Gentamicin-Releasing Mesoporous ZnO Structures
AbstractAmong metal oxides, zinc oxide (ZnO) is one of the most attractive materials thanks to its biocompatible and biodegradable properties along with the existence of various morphologies featuring piezoelectric, semiconducting and photocatalytic activities. All of these structures were successfully prepared and tested for numerous applications, including optoelectronics, sensors and biomedical ones. In the last case, biocompatible ZnO nanomaterials positively influenced cells growth and tissue regeneration as well, promoting wound healing and new bone formation. Despite showing high surface areas, ZnO morphologies generally lack an intrinsic mesoporous structure, strongly limiting the investigation of the corresponding drug loading and release properties. Within this scope, this study focuses on the adsorption and release properties of high surface area, mesoporous ZnO structures using gentamicin sulfate (GS), a well known antibiotic against bacterial infections especially in orthopedics. The particular ZnO morphology was achieved starting from sputtered porous zinc layers, finally converted into ZnO by thermal oxidation. By taking advantage of this mesoporous framework, GS was successfully adsorbed within the ZnO matrix and the kinetic release profile evaluated for up to seven days. The adsorption of GS was successfully demonstrated, with a maximum amount of 263 mg effectively loaded per gram of active material. Then, fast kinetic release was obtained in vitro by simple diffusion mechanism, thus opening further possibilities of smart pore and surface engineering to improve the controlled delivery. View Full-Text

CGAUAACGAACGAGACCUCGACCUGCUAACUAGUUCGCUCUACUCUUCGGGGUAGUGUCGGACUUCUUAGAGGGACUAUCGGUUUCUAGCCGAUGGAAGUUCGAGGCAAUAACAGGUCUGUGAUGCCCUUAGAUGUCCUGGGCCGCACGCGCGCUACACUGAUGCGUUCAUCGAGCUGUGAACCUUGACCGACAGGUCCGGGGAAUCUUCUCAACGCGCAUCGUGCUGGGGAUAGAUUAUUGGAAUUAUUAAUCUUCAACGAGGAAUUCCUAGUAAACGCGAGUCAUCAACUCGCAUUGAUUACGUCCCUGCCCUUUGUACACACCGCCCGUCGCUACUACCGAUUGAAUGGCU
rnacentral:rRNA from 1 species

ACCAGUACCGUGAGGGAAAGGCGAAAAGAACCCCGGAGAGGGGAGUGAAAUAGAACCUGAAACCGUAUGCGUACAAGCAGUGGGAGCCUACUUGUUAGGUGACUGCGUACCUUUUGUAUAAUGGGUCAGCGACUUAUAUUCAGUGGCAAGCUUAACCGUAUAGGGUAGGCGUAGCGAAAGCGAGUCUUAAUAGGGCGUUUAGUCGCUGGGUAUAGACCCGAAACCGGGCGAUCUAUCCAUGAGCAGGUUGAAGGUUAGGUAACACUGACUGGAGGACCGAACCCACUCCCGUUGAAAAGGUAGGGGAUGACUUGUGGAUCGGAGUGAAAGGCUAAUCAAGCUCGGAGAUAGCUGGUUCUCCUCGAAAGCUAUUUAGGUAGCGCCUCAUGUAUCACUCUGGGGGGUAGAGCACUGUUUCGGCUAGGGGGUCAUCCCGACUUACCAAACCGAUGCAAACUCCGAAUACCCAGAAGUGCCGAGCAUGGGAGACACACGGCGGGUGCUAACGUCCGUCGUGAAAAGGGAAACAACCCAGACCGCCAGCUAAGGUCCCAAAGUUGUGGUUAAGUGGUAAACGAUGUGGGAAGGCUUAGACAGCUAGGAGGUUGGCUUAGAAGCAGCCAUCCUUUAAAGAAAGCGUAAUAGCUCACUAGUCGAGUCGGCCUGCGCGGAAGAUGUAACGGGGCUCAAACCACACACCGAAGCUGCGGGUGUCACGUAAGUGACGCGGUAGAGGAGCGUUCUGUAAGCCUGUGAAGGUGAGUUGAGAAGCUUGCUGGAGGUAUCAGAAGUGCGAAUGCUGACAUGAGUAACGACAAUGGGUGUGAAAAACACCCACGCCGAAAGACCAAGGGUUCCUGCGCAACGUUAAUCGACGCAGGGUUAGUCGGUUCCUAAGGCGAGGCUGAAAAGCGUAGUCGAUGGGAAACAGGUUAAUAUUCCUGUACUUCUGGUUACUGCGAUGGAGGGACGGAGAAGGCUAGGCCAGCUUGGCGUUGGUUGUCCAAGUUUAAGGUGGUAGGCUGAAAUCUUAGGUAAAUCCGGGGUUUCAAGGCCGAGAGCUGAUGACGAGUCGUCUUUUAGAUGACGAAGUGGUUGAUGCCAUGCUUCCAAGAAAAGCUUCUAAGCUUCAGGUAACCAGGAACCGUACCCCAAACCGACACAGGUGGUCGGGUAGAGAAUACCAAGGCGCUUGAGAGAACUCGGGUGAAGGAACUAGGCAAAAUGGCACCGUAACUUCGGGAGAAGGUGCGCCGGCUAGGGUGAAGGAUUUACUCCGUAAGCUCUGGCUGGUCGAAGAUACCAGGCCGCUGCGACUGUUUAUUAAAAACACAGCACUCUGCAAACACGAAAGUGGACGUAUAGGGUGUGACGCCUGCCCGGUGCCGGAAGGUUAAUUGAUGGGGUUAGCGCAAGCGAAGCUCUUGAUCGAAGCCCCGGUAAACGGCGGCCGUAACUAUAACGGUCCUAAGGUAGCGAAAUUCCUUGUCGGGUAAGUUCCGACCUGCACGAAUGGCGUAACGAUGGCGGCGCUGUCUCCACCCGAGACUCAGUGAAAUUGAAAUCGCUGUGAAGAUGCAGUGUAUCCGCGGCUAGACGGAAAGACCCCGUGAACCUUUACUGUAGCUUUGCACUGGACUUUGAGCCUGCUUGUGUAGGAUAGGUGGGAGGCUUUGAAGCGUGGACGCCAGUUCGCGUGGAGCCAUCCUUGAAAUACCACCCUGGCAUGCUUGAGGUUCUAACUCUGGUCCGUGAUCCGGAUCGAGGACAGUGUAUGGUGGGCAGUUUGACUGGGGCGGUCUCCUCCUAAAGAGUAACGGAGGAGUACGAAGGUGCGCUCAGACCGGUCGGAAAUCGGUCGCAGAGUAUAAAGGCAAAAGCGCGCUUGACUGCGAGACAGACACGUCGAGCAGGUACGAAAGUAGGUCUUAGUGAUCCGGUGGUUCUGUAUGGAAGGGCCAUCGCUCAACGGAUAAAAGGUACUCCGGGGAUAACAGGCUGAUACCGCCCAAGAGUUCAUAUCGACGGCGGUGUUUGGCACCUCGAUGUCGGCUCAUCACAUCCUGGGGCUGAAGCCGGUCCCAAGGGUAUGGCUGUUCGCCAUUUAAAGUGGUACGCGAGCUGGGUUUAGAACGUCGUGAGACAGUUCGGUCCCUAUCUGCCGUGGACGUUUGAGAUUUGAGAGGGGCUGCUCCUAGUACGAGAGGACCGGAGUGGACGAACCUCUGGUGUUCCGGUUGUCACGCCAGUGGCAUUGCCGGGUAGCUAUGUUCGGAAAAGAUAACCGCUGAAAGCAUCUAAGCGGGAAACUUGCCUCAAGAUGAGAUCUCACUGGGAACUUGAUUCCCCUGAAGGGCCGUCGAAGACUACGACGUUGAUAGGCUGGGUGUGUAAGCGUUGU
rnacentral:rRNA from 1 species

Share & Cite This Article
Laurenti, M.; Cauda, V. Gentamicin-Releasing Mesoporous ZnO Structures. Materials 2018, 11, 314.
Laurenti M, Cauda V. Gentamicin-Releasing Mesoporous ZnO Structures. Materials. 2018; 11(2):314.Chicago/Turabian Style
Laurenti, Marco; Cauda, Valentina. 2018. "Gentamicin-Releasing Mesoporous ZnO Structures." Materials 11, no. 2: 314.
Note that from the first issue of 2016, MDPI journals use article numbers instead of page numbers. See further details here.